|This centre is a member of The LSE Research Laboratory [RLAB]: CASE | CEE | CEP | SERC | STICERD||Cookies?|
Paper No' CEPPA014: | Full paper
Save Reference as: BibTeX File | EndNote Import File
Keywords: immigration; government policy; education; labour market; jobs; wages
Is hard copy/paper copy available? YES - Paper Copy Still In Print.
This Paper is published under the following series: CEP Policy Analysis
Share this page: Google Bookmarks | Facebook | Twitter
Abstract:During periods of strong economic growth, migration is and has always been important for filling gaps in the labour market. On balance, the evidence for the UK labour market suggests that fears about the consequences of rising immigration have been exaggerated. It is hard to find evidence of much displacement of UK workers or lower wages, on average. Immigrants, especially in recent years, tend to be younger and better educated than the UK-born and are less likely to be unemployed. They certainly do not receive preferential access to housing. But there have been some effects. The less skilled may have experienced greater downward pressure on wages and greater competition for jobs than others, but these effects still appear to have been modest. Unfortunately we do not know much about whether the effects of immigration are different in downturns. We also need to understand more about how capital and sectoral shifts in demand respond to immigration over the longer run. Future migration trends will, as ever, depend on relative economic performance and opportunity. But we still need to know more about the effects of rising immigration beyond the labour market in areas like prices, housing, health, crime and welfare.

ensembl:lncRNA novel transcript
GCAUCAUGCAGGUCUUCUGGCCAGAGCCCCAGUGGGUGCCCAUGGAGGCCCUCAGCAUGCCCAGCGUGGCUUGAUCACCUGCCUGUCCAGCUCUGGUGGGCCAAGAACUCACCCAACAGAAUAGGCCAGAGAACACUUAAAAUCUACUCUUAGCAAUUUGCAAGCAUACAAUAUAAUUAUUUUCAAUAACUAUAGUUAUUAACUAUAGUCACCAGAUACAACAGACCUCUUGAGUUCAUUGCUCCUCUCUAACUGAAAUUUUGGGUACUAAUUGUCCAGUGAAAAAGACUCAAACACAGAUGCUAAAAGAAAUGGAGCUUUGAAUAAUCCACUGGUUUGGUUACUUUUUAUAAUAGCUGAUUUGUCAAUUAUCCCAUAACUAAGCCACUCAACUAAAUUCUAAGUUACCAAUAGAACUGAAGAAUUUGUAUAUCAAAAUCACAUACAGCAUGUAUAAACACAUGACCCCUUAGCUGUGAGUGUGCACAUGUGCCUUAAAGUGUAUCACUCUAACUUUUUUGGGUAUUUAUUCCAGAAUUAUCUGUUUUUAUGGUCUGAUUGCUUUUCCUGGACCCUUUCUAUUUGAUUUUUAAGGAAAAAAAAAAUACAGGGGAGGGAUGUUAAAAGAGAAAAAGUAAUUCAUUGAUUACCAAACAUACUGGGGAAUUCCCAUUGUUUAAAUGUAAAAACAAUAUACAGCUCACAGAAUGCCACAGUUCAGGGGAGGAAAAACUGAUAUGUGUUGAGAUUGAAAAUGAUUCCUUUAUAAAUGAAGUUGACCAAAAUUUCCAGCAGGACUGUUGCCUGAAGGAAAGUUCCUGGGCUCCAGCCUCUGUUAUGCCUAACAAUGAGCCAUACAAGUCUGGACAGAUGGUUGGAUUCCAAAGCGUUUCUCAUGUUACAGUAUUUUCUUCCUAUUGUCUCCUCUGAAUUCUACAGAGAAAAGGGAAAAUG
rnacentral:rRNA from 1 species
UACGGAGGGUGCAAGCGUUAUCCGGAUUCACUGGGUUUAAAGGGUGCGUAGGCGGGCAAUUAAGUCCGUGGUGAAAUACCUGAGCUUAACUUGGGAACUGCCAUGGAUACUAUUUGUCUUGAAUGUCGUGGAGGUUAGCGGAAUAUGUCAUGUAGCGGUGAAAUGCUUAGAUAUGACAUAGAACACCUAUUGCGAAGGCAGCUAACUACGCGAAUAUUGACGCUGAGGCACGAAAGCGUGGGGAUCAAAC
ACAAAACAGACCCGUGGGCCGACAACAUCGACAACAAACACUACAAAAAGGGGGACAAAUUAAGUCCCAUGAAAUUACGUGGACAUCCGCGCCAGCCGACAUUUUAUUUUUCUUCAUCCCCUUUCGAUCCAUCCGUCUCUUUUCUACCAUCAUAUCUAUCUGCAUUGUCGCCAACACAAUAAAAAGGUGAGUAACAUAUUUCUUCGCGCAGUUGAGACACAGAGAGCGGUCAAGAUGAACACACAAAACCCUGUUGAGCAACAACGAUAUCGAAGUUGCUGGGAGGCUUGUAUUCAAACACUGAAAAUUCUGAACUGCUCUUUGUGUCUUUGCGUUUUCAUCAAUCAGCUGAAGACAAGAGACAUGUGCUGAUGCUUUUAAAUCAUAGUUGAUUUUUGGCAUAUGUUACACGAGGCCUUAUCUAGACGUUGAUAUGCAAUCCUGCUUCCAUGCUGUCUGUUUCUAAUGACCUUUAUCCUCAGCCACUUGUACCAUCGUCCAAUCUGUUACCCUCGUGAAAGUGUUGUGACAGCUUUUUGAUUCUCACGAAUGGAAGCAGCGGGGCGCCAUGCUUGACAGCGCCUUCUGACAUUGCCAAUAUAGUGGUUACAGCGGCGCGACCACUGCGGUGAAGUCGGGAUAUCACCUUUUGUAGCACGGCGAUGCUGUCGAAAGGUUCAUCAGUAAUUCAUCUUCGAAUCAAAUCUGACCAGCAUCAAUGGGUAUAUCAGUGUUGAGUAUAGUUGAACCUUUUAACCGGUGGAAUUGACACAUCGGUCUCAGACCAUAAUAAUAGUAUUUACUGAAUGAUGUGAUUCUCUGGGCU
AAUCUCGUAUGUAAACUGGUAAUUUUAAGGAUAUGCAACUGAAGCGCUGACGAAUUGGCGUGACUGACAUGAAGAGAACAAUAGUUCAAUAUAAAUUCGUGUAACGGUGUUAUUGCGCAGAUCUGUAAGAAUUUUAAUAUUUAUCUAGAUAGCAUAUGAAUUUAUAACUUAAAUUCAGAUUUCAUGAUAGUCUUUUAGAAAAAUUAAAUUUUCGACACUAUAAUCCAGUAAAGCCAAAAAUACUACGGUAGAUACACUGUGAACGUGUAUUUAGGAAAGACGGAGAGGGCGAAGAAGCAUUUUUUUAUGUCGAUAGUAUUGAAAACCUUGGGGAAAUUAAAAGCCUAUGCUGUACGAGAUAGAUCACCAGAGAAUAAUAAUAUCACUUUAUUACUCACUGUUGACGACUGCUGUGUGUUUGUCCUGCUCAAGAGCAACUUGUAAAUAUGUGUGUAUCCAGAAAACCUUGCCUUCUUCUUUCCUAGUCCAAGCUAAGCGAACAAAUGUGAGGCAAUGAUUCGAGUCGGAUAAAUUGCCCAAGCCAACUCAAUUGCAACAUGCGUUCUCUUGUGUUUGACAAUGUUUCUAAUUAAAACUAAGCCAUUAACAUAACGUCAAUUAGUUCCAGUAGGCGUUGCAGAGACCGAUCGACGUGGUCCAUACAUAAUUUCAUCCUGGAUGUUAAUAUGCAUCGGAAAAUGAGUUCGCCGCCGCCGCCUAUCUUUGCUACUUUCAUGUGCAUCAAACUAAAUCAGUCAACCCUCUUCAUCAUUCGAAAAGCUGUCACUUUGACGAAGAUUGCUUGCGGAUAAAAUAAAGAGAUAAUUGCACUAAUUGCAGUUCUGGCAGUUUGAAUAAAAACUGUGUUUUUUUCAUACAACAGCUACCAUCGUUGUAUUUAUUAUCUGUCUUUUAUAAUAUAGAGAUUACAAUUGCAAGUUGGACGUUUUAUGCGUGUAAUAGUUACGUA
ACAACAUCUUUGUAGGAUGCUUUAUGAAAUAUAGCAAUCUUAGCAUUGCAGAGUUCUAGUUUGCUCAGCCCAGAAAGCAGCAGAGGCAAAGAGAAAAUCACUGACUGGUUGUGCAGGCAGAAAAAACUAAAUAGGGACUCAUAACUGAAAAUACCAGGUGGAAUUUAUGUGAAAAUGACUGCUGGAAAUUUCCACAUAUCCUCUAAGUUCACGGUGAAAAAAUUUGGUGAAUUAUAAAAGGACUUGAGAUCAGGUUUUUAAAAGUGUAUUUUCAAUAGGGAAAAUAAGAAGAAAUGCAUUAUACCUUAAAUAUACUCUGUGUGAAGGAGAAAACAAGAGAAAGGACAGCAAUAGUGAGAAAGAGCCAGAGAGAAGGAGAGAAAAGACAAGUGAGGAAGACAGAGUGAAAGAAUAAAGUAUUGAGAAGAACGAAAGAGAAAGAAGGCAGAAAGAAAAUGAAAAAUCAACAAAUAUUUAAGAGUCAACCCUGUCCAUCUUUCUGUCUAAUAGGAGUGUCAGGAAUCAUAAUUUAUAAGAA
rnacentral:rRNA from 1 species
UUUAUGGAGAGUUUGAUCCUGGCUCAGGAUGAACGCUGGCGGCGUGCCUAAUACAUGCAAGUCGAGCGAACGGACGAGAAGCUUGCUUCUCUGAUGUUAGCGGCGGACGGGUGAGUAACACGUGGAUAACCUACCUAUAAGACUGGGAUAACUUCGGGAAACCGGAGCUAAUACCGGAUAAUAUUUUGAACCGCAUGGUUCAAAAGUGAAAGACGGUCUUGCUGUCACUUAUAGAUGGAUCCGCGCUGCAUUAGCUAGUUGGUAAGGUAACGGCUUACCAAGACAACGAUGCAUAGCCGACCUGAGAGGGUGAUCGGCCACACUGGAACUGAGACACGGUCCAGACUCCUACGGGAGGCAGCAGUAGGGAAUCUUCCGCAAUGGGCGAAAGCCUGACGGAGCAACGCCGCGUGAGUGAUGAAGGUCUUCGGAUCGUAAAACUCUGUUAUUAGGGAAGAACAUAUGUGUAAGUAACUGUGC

Copyright © RLAB & LSE 2003 - 2015 | LSE, Houghton Street, London WC2A 2AE | Contact: RLAB | Site updated 27 April 2015